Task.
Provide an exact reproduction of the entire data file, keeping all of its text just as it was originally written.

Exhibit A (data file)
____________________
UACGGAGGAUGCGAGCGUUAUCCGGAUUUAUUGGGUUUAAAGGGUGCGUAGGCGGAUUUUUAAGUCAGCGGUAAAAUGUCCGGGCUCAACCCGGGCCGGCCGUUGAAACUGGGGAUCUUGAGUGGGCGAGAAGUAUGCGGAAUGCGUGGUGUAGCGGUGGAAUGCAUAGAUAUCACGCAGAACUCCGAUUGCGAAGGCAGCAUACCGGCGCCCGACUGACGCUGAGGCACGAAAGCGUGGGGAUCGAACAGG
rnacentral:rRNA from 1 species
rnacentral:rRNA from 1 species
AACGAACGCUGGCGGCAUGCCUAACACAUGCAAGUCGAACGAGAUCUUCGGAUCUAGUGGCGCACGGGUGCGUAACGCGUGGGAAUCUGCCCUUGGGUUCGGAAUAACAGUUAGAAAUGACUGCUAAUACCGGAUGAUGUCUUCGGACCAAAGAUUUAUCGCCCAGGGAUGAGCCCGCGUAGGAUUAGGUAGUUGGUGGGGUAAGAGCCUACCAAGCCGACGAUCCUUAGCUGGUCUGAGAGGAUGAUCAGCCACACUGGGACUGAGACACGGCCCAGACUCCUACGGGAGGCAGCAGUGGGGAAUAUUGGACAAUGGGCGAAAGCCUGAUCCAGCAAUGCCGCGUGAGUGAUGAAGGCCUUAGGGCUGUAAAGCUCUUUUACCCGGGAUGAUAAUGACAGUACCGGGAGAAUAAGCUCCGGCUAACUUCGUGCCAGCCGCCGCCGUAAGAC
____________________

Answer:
UACGGAGGAUGCGAGCGUUAUCCGGAUUUAUUGGGUUUAAAGGGUGCGUAGGCGGAUUUUUAAGUCAGCGGUAAAAUGUCCGGGCUCAACCCGGGCCGGCCGUUGAAACUGGGGAUCUUGAGUGGGCGAGAAGUAUGCGGAAUGCGUGGUGUAGCGGUGGAAUGCAUAGAUAUCACGCAGAACUCCGAUUGCGAAGGCAGCAUACCGGCGCCCGACUGACGCUGAGGCACGAAAGCGUGGGGAUCGAACAGG
rnacentral:rRNA from 1 species
rnacentral:rRNA from 1 species
AACGAACGCUGGCGGCAUGCCUAACACAUGCAAGUCGAACGAGAUCUUCGGAUCUAGUGGCGCACGGGUGCGUAACGCGUGGGAAUCUGCCCUUGGGUUCGGAAUAACAGUUAGAAAUGACUGCUAAUACCGGAUGAUGUCUUCGGACCAAAGAUUUAUCGCCCAGGGAUGAGCCCGCGUAGGAUUAGGUAGUUGGUGGGGUAAGAGCCUACCAAGCCGACGAUCCUUAGCUGGUCUGAGAGGAUGAUCAGCCACACUGGGACUGAGACACGGCCCAGACUCCUACGGGAGGCAGCAGUGGGGAAUAUUGGACAAUGGGCGAAAGCCUGAUCCAGCAAUGCCGCGUGAGUGAUGAAGGCCUUAGGGCUGUAAAGCUCUUUUACCCGGGAUGAUAAUGACAGUACCGGGAGAAUAAGCUCCGGCUAACUUCGUGCCAGCCGCCGCCGUAAGAC